Because sleep is a universal human experience, it has probably interested people since the dawn of humanity; however, scientific inquiry into sleep is a relatively recent phenomenon. Early interest in sleep arose during the late nineteenth century from a need to isolate the brain structure responsible for lethargy syndromes. Similarly, the electrophysiological study of sleep originated with a discovery in 1875 by the English physiologist Richard Caton that the brain continually produces low-voltage waves. This discovery was largely ignored until 1929, when a German psychiatrist, Hans Berger, found that he could record from large groups of neurons by attaching electrodes to the scalp and the forehead. Berger's discovery marked the beginning of modern electroencephalography. With the advent of EEG recordings, it was not long before A. L. Loomis, E. N. Harvey, and G. A. Hobart found, in 1937, that EEG recordings could be used to differentiate stages of sleep. In 1952, Nathaniel Kleitman at the University of Chicago gave Eugene Aserinsky, one of his new graduate students, the assignment of watching the eye movements of sleeping subjects. Aserinsky quickly noted the rapid, darting nature of eye movements during certain times of the night, which differed from the usual slow, rolling eye movements observed at other times. William Dement later coined the term "REM sleep"; sleep in which slow, rolling eye movements predominate later came to be known as NREM sleep (for nonrapid eye movement sleep). Finally, in 1957, Dement and Kleitman presented the current system of four NREM sleep stages and stage one-REM sleep.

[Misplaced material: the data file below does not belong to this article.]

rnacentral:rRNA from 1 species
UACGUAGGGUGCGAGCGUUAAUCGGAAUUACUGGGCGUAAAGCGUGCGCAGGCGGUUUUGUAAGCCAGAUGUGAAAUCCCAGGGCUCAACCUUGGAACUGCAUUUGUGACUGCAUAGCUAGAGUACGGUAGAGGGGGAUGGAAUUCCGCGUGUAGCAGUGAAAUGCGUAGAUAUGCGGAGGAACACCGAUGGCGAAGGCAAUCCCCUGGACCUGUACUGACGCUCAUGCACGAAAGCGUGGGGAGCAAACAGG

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How Would You Love To Finally Get A Decent Night's Sleep? Do you toss and turn all night long without getting much of a wink of sleep? Are you tired of counting sheep for hours without falling asleep? Wouldn't you love to be able to fall asleep simply, easily and naturally, without pills, potions or harmful medicine?